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  • Look at this map of China and tell me if, from what we've learned so far, you can

  • tell me about the Chinese civilization. Yep, rivers, big onesand from them ran the

  • bureaucracy and technology necessary for controlling water.

  • Like Egypt, Sumer, and Mesoamerica, ancient China represents a hydraulic civilizationone

  • that maintained its population by diverting rivers to aid in irrigationand one that

  • developed writing thousands of years ago.

  • In fact, there is an unbroken Chinese literary and scientific tradition from this time onnot

  • true of Egypt, Sumer, or Mesoamerica. And from writing, Chinese scholars naturally

  • developed a critical invention in knowledge transmission and state control: you know it,

  • you probably hate it, the standardized test. Today, we're going to focus on the time

  • of the Northern and Southern Song Dynasties, a time of great technical innovation. But,

  • before we get to the Song, let's take a tour through the ages and explore key elements

  • of Chinese scientific culture.

  • [Intro Music Plays]

  • From the beginning, science in China was a product of the state. The very first Chinese

  • dynasty, the Xia, supported astronomical research to create more accurate calendars.

  • Later, between 400 and 0 BCE, Chinese scholars measured the length of the solar year to 365.25

  • days, predicted eclipses, recorded supernovas and sunspots, founded a Bureau of Astronomy,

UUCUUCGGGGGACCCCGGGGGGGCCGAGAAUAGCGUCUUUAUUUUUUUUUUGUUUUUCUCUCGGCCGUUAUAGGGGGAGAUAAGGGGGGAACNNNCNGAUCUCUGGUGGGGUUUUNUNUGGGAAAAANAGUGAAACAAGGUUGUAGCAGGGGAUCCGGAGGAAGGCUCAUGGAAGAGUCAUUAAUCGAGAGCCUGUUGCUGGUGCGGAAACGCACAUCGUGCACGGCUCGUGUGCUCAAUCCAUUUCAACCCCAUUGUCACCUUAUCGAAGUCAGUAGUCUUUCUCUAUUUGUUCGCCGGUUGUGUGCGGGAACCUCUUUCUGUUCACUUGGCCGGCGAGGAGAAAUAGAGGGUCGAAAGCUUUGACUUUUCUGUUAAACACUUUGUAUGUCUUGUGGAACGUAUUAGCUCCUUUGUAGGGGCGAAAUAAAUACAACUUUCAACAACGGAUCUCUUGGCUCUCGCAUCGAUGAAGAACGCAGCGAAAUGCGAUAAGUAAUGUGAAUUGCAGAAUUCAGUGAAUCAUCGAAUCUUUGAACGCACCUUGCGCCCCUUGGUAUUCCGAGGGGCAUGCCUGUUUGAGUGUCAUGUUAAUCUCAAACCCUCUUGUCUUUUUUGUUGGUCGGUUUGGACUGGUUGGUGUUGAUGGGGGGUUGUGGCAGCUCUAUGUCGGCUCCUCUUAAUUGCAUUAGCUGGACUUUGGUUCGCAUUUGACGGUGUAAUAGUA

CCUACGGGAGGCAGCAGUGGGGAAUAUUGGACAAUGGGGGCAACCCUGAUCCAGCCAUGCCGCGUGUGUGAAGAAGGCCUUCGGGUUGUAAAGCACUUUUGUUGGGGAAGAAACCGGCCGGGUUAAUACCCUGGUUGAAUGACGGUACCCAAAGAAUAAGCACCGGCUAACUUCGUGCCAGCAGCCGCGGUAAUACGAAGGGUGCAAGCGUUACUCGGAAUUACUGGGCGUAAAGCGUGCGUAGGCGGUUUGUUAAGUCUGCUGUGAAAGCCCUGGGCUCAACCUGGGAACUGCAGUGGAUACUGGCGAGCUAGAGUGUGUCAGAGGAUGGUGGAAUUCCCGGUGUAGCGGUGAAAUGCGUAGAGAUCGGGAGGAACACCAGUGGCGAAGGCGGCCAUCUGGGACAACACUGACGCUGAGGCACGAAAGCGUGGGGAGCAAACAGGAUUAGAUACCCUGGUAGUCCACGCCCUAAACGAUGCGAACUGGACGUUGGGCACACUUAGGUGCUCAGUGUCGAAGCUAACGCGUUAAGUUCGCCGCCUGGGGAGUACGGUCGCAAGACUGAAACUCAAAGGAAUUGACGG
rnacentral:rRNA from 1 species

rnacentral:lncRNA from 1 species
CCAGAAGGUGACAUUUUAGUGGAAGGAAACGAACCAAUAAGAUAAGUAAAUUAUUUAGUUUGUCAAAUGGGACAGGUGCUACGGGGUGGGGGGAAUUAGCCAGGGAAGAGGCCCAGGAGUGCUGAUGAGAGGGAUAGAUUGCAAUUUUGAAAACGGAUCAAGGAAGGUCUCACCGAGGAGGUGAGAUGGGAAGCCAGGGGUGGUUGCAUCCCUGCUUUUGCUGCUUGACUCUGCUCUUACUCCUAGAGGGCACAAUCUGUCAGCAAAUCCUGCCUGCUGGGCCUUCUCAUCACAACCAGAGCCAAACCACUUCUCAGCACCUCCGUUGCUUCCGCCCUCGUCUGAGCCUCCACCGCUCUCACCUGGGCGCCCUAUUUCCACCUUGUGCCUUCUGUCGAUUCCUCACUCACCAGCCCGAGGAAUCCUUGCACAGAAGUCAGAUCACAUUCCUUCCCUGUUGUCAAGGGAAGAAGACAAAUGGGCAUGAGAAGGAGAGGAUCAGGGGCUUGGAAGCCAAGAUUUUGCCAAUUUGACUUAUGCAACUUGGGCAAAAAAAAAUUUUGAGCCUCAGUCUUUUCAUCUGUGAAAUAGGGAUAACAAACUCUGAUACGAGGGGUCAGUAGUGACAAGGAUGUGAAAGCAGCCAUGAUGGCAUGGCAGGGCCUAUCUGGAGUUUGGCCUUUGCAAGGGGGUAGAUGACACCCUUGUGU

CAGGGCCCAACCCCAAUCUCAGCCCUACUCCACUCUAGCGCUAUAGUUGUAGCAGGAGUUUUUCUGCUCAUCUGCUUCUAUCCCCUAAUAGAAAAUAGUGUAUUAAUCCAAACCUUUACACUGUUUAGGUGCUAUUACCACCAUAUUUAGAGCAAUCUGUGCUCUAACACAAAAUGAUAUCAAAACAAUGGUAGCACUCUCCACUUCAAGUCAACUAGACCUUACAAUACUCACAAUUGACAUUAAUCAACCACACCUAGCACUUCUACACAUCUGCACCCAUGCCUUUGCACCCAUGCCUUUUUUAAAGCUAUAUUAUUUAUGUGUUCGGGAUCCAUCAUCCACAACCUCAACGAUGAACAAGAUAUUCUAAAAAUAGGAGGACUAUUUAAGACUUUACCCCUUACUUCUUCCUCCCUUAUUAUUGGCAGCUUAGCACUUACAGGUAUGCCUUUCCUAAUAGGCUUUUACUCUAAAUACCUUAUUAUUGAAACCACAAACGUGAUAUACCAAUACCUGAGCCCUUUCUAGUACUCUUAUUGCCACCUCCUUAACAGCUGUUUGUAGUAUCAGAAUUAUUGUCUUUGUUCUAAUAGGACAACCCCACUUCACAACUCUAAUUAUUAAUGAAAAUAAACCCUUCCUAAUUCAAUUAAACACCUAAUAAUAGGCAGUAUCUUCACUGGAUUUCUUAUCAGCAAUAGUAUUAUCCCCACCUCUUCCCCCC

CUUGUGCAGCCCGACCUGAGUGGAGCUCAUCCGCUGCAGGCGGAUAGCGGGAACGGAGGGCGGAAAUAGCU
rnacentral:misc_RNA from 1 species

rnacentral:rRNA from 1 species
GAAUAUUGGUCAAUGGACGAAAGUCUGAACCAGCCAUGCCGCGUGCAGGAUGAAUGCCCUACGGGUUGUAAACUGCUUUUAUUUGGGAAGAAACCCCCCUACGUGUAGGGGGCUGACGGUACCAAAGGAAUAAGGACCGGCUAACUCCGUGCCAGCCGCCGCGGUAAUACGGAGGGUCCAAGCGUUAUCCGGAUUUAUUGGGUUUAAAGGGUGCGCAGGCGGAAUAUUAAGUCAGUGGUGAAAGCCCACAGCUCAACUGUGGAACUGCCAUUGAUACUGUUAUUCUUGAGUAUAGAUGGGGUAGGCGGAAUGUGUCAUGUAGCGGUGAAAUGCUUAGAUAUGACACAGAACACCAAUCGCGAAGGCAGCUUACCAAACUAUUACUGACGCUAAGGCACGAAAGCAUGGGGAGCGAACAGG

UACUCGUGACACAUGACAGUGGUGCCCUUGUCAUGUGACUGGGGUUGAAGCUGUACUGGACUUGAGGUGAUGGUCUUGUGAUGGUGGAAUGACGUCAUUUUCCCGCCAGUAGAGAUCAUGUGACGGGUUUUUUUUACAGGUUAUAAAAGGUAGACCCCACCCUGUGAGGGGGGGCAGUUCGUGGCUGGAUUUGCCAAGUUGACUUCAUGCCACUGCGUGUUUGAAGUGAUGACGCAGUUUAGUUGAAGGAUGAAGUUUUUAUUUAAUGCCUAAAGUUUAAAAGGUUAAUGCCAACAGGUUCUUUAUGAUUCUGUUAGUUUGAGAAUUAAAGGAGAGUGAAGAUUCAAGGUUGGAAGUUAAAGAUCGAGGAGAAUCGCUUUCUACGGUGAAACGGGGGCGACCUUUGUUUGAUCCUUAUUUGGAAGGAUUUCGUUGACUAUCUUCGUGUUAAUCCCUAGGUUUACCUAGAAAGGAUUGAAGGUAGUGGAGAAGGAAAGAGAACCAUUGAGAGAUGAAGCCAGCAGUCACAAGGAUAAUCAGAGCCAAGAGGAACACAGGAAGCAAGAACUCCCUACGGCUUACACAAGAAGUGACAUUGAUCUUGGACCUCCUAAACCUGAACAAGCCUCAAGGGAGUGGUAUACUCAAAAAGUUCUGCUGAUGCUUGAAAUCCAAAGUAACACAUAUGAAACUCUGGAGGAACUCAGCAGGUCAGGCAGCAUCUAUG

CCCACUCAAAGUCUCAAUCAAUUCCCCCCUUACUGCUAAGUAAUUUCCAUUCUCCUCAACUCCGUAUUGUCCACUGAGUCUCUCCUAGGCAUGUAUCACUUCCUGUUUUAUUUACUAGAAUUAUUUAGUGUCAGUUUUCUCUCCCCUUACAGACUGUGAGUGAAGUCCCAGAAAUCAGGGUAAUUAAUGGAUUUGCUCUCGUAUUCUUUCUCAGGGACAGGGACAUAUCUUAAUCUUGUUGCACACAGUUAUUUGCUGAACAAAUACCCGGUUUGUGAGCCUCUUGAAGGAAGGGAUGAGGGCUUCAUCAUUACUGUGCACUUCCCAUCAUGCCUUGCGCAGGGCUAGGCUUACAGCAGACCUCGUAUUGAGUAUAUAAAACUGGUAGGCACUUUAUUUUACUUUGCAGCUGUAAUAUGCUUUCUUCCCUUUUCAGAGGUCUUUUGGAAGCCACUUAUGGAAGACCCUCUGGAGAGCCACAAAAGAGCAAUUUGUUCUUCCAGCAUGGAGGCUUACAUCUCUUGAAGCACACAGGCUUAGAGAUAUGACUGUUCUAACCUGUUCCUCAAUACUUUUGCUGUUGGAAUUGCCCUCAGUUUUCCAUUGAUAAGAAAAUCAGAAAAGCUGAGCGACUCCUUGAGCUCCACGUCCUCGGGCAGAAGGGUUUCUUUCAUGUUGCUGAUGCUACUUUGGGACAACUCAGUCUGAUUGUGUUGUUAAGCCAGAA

• and even determined the 26,000-year cycle of the precession of equinoxes!

  • Alongside this research, Chinese culture developed a grand model of the cosmos: in an infinite,

  • empty spaceenclosed by the great celestial spherecelestial bodies float around, directed

  • by a h“hard wind.” This mysterious force explained how the stars

  • and planets moved around. The earth sits, still, at the center of the

  • system. On the earth, in a zone between the four points of the compass, stretches the

  • Middle KingdomChina. The cosmos revolved around not just earth, but China itself.

  • And in the symbolic center of China stands the Son of Heaventhe emperor.

  • The ancient Chinese states, like others governing large populations, developed complex ideas

  • about human society. The most prominent early Chinese thinker was

  • Confucius, whose philosophy emphasized the importance of tradition, etiquette, respect

  • for elders, and for the patriarchy. Confucianism's focus on an orderly human

  • world conflicted both with Buddhism's transcendental orientation toward a reality beyond this one,

  • and the proto-scientism of Mohism and Legalism, which were contemporary schools